He glanced around at the flurry of activity, and added, “I don’t know how much tide they get here.  But when it’s high, he’ll likely beach her, probably on rollers.  Then they’ll start tearing the stern apart.”  He’d already made a critical estimate of the damage.  “Three or four months’ work there, I’d imagine.”

“Why bother?” she murmured.

“Ship’s salvageable,” Thanos shrugged.  “Five thousand, ten thousand maybe, to fix it.  But fifty thousand to build a new one from the keel up.  She’s worth saving.”

The elf-woman nodded absently, her air of distraction returning.  “Do you…do you suppose they’ll find anything?  In the wreckage, I mean?”

“I hope so,” the warcaster grunted.  He nodded at the dragon.  “All of our kit was under that.”

To his astonishment, Amorda burst into tears.

Despite his exhaustion, Thanos was no dullard either.  A sudden thought struck him.  “Lady,” he said tentatively, “where’s your ancilla?  Reticia?”

Amorda tried to smile through her tears.  “She’s always been adept at beguiling hearts and minds, but she’s no warrior,” the elf-woman replied, her breath coming in hitches.  “After I…I cast the illusion to conceal her, I ordered her to flee, to…to the safest part of the ship.”  She nodded at the wreckage beneath the dragon’s carcass.  “Your quarters.”

Thanos glanced down at the shattered, fire-blackened timbers, and winced. “She could still…she might still be…”  His voice trailed off.  His companion was shaking her head.

“You asked how I was injured, even though I hadn’t been struck in the battle.”  Amorda held up her left hand, tapping the thumb against an unusually subtle mithral ring encircling her middle finger.  “This is an anullamiculus.”

“A ‘little friendship ring’?” Thanos asked, confused.

“Precisely.”  Amorda sighed.  “Reticia was wearing the other one.”

Light suddenly dawned.  Shield Other,” Thanos said.  “The bodyguard’s bane.”


“Built into a ring.”


The warcaster rubbed his eyes, tired.  “So that’s how you came to be injured.  The spell transferred her wounds to you!”

Amorda nodded.  Tears stood out in her eyes.  “And it’s how I know that she’s…that she is gone,” the elf-woman husked.  “When the dragon fell upon the deck, the transfer nearly killed me.  That much harm would have…would have slain Reticia instantly.”  She was staring at the wreckage, half-blinded by tears.  “She’s still under there.  Somewhere.”

Thanos put a gentle hand on the elf-woman’s shoulder.  “I’m sorry,” he said softly.  “But at least we’ve avenged her.”

Amorda snorted sourly.  She scrubbed at her running eyes with a sleeve in a gesture that struck Thanos as remarkably unrefined.  “Marvellous!” the elf-woman hissed.  “Yes, vengeance makes everything better.  I’m sure ‘Beck’s’ impromptu dentistry and his acquisition of a new mantelpiece ornament will be an immense relief to Reticia’s departed spirit.  And to her parents, her grandparents, her cousins, her nephews, and her nieces.”  She spat.  “And to me.”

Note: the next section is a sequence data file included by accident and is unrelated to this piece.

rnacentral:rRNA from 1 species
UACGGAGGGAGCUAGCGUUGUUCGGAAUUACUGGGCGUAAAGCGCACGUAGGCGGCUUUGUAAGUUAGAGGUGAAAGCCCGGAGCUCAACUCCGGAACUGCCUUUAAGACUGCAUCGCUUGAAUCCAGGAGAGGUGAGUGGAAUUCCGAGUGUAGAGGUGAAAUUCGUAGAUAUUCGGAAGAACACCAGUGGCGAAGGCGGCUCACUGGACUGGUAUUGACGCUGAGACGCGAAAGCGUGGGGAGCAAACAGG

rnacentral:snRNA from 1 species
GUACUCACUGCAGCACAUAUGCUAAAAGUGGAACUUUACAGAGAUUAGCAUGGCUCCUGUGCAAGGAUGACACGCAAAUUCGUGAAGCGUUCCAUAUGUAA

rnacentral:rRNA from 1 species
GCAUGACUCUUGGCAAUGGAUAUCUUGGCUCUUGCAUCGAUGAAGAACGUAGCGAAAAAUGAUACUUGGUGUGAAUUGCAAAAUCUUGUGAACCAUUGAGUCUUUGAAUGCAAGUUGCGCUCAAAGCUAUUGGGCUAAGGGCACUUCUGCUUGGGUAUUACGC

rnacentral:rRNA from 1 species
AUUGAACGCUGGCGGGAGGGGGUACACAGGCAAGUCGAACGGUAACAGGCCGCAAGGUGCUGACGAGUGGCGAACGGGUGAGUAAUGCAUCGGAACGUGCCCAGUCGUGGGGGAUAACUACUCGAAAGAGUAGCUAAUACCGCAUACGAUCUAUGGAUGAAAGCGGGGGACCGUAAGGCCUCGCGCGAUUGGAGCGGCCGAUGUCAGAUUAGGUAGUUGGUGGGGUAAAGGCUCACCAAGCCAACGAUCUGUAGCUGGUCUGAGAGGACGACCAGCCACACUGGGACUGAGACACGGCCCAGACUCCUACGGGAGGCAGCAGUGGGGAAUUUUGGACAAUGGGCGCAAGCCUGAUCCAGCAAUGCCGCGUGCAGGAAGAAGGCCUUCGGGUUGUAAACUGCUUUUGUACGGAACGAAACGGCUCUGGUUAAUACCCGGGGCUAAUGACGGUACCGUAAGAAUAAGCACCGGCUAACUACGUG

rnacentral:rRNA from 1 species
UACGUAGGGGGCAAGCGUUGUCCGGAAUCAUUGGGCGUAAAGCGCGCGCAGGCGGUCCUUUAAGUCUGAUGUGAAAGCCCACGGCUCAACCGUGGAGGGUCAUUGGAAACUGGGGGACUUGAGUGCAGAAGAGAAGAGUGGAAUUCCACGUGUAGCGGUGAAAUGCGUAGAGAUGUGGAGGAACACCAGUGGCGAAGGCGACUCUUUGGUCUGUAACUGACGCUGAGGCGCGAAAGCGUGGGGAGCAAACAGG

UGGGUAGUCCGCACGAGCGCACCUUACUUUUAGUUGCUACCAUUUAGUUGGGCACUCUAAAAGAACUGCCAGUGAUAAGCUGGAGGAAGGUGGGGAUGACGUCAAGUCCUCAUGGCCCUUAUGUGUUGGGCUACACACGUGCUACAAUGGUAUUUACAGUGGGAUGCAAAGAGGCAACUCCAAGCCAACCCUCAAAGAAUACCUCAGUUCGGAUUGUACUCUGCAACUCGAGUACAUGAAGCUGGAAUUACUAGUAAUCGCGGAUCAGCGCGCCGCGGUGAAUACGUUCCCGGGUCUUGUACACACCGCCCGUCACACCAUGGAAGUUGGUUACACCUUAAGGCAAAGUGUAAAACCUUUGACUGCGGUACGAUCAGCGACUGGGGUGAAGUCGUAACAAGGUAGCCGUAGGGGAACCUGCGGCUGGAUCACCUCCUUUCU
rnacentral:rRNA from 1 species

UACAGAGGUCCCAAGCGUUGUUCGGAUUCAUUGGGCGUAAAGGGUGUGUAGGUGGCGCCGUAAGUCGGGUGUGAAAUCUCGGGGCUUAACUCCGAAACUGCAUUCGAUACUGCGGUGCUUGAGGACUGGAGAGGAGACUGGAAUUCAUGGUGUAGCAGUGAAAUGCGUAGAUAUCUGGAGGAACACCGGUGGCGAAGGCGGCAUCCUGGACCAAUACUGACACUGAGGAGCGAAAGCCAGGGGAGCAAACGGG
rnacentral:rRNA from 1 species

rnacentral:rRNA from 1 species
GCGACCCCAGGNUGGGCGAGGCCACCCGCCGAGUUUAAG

She spun suddenly to face him, her face wet, and her eyes red.  “I will be sleeping in town this night, after visiting Hara’s house to say a prayer for the souls of the good folk, men and elves alike, who fell today, victims of a battle that would never have happened if you people had not come here.  Think about that, Colonel.  You might even consider saying a few prayers yourself.  But let me warn you, Hara Sophus abominates those whose hearts beat only for vengeance.”

Thanos blinked at her sudden vehemence.  “Lady, I…”

“I’ve already told you, I’m no lady” she said harshly.  “I have a friend to mourn, son of Empire.  Talk to your comrades, and let us see if we can’t help each other.  Your quest, if it is what I think it is…I wish to aid you.  However I can.

“But,” she added with an empty-eyed frown, “I will hear no more talk of vengeance.  It is a hollow place, cold and empty, devoid of companionship, and reeking of hatred, venom and death.  I have no wish to join you and your comrades there.”

Thanos didn’t quite know what to say to that, so he held his silence.  The woman turned on her heel and stalked off toward the gangway through the ever-growing crowd.

When she had gone, he turned back to his contemplation of the dragon’s carcass. 

Bloody elves!


Dwéorga Dybetvin!”

The heavy bronze goblet trembled briefly in Karrick’s grasp.  An instant later, it grew suddenly heavier. 

He glanced into it and grinned.  The vessel was brimful with a dark amber fluid.  He took an experimental sniff, followed by an experimental sip. 

A moment later, the cup was empty.  “I’m gonna have to thank that crazy fire-headed bastard,” he murmured to himself.  Now…what next?  Something obscure and expensive… “Aquoreus Palatinus!”

Another sniff…another grin…and…

“What in the name of the First Shell are you doing?”

            Karrick started and nearly dropped the cup.  He had been so focussed on his experiments that he hadn’t even heard the remarkably unstealthy Valaista approaching from behind.

            Being careful not to spill the goblet, he turned and gave her a wink.  “I’m trying out my new toy,” he explained.  “Want a sip?”

            “What is it?” she asked, eyeing the container dubiously.

            “The boys call it ‘Aqua-P’,” the warrior replied.  “Short for Aquoreus Palatinus.  ‘Palatine water-bearer’.  Standard issue back home in the army.”  He hefted the goblet.  “That’s about a two-day ration right there.  Wanna give it a go?”

            “Why not?”  She took the goblet carefully from his hands.  Without hesitation, she put the brim to her lips, tilted it back, and drained the cup.